1. Income Tax: In Nebraska, revocable living trusts are considered "grantor" trusts. This means that for income tax purposes, the trust is not a separate entity, and all income, deductions, and credits are reported on your personal tax return. However, if you have an irrevocable trust, the trust becomes a separate taxable entity and must file its own tax return.
  2. Estate Tax: Currently, Nebraska does not have a state estate tax, so funding a trust will not have direct estate tax implications at the state level. However, at the federal level, estate tax may apply if your estate exceeds the federal estate tax exemption amount. Assets in a revocable trust are included in your estate for federal estate tax purposes, while assets in an irrevocable trust are not.
  3. Inheritance Tax: Nebraska is one of the few states that does have an inheritance tax. Therefore, your beneficiaries may owe state inheritance tax on assets they inherit through the trust. The rate depends on the relationship between the decedent and the beneficiary, with spouses being exempt.
  4. Gift Tax: When you transfer assets to an irrevocable trust, it's considered a gift. If the value of the gift exceeds the annual gift tax exclusion amount, you may have to file a gift tax return. However, you generally won't owe gift tax unless the total amount of your gifts throughout your lifetime exceeds the lifetime gift tax exemption.
  5. Property Tax: In Nebraska, transferring property to a trust should not trigger a reassessment of property taxes, as long as the trust beneficiaries are the same as the original owners.

Homestead and Asset Protection

In the realm of estate planning, asset protection is a key consideration. The impact of funding a trust on your homestead exemption and asset protection strategies are crucial aspects to consider in Nebraska.

  1. Homestead Exemption: In Nebraska, the homestead exemption protects a certain amount of your home's equity from creditors. Transferring your home into a trust may impact this exemption. Nebraska law allows a homestead exemption for property that is used as a self-created trust for the benefit of the grantor. Therefore, if a revocable living trust is properly structured, you should still be able to claim the homestead exemption.
  2. Asset Protection: Transferring assets into a revocable living trust does not protect them from your personal creditors. This is because you retain control of the assets and can revoke the trust at any time. However, assets in an irrevocable trust are generally protected from your creditors, because you have effectively given up control of these assets.
  3. Asset Protection Trust: Nebraska is one of the states that allow self-settled asset protection trusts. These trusts provide a way for you to protect your assets from future creditors while still being a discretionary beneficiary of the trust. 

It's important to note that these protections are not absolute and can be subject to certain exceptions. Hence, when setting up a trust, it’s essential to work with an experienced estate planning professional to best structure your assets for protection while staying within the boundaries of the law.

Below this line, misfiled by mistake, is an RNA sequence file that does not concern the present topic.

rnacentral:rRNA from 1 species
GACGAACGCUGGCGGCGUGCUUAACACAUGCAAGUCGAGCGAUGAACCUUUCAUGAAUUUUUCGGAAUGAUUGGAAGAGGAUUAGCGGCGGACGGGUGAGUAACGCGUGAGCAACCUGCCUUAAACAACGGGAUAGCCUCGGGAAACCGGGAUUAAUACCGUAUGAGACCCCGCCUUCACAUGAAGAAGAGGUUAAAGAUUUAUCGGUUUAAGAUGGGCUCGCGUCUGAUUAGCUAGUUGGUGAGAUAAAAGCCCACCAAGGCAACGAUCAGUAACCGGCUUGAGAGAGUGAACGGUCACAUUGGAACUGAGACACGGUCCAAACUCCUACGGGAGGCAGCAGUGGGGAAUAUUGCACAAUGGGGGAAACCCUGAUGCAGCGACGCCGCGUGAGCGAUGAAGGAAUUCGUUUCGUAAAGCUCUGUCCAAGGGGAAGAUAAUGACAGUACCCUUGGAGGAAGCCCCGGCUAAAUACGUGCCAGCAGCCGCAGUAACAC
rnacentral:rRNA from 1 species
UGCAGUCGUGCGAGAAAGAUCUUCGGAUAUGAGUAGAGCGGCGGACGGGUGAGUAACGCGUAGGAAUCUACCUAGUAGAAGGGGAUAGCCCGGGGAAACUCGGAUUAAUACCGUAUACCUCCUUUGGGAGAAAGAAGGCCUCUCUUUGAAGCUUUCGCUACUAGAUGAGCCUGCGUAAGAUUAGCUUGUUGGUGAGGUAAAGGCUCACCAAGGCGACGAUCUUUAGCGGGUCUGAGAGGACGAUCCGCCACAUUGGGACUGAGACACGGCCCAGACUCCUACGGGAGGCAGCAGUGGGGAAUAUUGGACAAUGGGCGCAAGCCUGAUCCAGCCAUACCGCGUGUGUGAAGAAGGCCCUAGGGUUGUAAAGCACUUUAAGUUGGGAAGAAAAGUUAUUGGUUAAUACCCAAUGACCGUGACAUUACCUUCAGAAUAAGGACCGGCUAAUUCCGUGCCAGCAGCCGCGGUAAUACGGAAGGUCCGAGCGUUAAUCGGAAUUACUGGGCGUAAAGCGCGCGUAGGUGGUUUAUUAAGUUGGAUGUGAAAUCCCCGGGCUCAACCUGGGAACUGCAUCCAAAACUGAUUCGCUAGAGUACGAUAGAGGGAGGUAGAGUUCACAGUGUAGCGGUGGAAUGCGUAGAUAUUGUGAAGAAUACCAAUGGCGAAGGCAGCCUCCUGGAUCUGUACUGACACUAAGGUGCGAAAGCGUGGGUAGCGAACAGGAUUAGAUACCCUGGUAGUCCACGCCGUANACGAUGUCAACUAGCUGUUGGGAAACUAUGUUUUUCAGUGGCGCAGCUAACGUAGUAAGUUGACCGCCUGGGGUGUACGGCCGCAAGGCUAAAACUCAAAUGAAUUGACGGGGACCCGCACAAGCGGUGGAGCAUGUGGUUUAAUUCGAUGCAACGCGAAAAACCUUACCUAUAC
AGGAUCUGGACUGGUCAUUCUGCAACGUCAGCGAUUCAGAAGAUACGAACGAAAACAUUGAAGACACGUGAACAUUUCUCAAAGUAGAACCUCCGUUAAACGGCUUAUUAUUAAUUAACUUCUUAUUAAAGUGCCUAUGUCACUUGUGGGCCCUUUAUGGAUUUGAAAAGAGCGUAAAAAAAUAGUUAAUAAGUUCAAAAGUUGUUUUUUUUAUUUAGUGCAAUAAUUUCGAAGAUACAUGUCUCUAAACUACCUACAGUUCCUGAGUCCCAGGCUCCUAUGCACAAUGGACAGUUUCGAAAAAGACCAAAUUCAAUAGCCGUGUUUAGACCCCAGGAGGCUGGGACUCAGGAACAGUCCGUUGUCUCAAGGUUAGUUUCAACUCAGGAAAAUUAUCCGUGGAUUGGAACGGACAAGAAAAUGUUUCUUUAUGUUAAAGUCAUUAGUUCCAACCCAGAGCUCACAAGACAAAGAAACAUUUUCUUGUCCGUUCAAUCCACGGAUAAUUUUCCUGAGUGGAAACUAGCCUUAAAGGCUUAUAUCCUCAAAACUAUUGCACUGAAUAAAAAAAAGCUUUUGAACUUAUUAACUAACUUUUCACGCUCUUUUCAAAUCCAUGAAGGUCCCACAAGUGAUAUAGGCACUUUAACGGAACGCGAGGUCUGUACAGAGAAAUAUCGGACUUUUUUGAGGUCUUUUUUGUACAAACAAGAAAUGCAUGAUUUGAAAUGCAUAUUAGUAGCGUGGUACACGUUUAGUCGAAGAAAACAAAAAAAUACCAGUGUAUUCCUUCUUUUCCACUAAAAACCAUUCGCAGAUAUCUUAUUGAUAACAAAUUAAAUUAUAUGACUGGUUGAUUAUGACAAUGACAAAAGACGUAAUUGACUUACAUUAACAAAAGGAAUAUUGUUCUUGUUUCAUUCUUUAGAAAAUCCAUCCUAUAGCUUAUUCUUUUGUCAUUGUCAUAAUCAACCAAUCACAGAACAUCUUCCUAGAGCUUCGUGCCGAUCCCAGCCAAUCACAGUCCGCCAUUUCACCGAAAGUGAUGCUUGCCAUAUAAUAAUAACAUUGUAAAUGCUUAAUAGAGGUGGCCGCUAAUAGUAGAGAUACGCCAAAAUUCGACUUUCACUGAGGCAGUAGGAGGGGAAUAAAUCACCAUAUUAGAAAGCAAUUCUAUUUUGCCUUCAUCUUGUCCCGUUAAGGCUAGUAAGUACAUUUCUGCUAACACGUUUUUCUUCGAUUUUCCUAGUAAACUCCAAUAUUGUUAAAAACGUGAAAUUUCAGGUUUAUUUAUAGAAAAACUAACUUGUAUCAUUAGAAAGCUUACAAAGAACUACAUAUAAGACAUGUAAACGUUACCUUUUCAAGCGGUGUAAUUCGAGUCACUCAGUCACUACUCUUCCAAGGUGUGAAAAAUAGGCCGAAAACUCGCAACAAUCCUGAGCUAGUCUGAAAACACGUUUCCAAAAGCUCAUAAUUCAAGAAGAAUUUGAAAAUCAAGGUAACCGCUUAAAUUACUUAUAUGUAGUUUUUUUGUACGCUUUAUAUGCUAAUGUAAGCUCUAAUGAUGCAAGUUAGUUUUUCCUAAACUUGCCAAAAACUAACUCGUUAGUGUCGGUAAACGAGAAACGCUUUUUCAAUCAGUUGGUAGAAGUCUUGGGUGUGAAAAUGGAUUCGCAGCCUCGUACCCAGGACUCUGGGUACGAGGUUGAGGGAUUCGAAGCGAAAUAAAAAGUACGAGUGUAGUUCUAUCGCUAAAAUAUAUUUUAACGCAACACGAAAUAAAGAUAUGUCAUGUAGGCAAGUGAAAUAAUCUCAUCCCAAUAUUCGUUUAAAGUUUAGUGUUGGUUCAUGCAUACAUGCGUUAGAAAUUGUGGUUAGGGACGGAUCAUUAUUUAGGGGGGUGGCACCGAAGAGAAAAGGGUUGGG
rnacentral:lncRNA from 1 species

Maintaining a Trust

Setting up a trust and funding it with your assets is just the first step in the process of effective estate planning. Maintaining your trust over time is equally important, to ensure it continues to serve your needs and objectives. Here are some key points to consider when maintaining a trust in Nebraska:

  1. Regular Reviews: Review your trust document regularly, at least once a year or whenever there is a significant life event like a birth, death, marriage, or divorce. This allows you to ensure that the trust still aligns with your current wishes and circumstances.
  2. Adding New Assets: As you acquire new assets, don't forget to add them to your trust. Any significant assets not in the trust at the time of your death would have to go through probate, defeating one of the main purposes of having a trust.
  3. Record Keeping: Keep accurate and up-to-date records of the trust's assets. This can be instrumental in resolving any potential disputes and provides a clear picture of the trust's holdings.
  4. Tax Filings: If your trust is irrevocable, it becomes a separate taxable entity and you'll need to file an annual tax return for it. Ensure these filings are done on time and accurately.
  5. Changes in Law: Laws related to estate planning and trusts can change. Stay informed about any changes in Nebraska's trust laws or federal laws that might impact your trust.
  6. Professional Guidance: Consider regular check-ins with your estate planning attorney or advisor. They can provide valuable guidance on managing and maintaining your trust, ensuring it continues to serve your estate planning objectives effectively.

Remember, a trust is a living document that can and should be adjusted as your life, assets, and laws change over time. Proper maintenance will ensure your trust provides the benefits you intended.